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"Rock" the Alligator

Every region in the United States has it’s own particular regional customs, building habits, and local materials. Here in Louisiana, our building habits have produced a very distinct architectural style over the years. The French brought a specific architectural style over with them in the early 1700’s, and it was slowly adapted and changed over the next 100 years to better deal with Louisiana’s destructive climate. (The style also changed over time due to the influx of slaves from West Africa, the Spanish from 1763-1801, and Haitian refugees in the late 18th century).

But one constant that has held true over the course of Louisiana’s 300 year history has been the use of cypress in building construction. The bald cypress occurs mainly along riverside wetlands normally subject to periodic flooding by silt-rich ‘brownwater’ rivers. Louisiana is the perfect habitat for the bald cypress, mainly due to the annual floods of the Mississippi River.

At one time old growth cypress forests were abundant throughout the southeast, including Louisiana, and truly magnificent.  The trees reached 12 to 14 feet in diameter. There were even stories of trees reaching 25 feet in diameter.  Some cypress trees were over 160 feet tall and lived up to 3,000+ years

The odorless wood of bald cypress has long been valued for its water resistance, thus is called ‘wood eternal’. Still-usable prehistoric wood is often found in swamps (in fact, that’s where ‘Rock’ the Alligator at The Cabin Restaurant came from).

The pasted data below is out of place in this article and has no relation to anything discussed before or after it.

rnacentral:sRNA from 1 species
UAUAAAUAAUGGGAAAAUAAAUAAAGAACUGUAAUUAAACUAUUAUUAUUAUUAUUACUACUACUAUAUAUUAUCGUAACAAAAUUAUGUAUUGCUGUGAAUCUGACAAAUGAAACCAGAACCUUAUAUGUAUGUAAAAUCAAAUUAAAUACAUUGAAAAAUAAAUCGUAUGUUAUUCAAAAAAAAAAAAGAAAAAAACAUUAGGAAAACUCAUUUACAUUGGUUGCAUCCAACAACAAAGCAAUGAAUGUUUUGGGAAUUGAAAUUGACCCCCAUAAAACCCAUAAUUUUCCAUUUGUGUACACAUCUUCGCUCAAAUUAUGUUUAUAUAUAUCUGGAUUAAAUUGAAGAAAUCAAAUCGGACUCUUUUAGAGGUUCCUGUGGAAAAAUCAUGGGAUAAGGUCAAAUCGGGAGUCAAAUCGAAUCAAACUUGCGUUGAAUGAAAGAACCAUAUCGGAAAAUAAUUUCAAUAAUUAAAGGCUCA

What makes cypress so rot resistant is an oil called cypressene located in the heartwood.  Old growth contains the highest concentration of cypressene. The heartwood is extremely rot and termite resistant. The heartwood contains a sesquiterpene called cypressene, which acts as a natural preservative. It takes decades for cypressene to accumulate in the wood, so lumber taken from old-growth trees is more rot resistant than that from second-growth trees.

Bald Cypress wood was the perfect construction material for south Louisiana for 3 reasons:

1) It was virtually rot resistant. If kept either wholly above or wholly below ground – if half in or half out, it will rot very quickly, however.

2) Cypress kept termites out (people would augment it by sprinkling crushed lime around the house)

3) It was found in abundance

Thus, when you visit south Louisiana and you see all those old Acadian shacks out on the bayou or preserved at places like The Cajun Village, they all seem to be built out of the same material.

Unfortunately, those virgin forests were completely logged out between 1850 and 1930. Louisiana made it illegal to harvest old-growth cypress in 1917. Almost all the cypress you see in the state today is secondary growth, and it is no longer used as a construction material (LA Lens has GREAT photos of bald cypress). Luckily, we can still partake in it’s historic beauty due to local preservationists such as Al and Theresa Robert, who have made a life out saving Louisiana’s vernacular historic structures.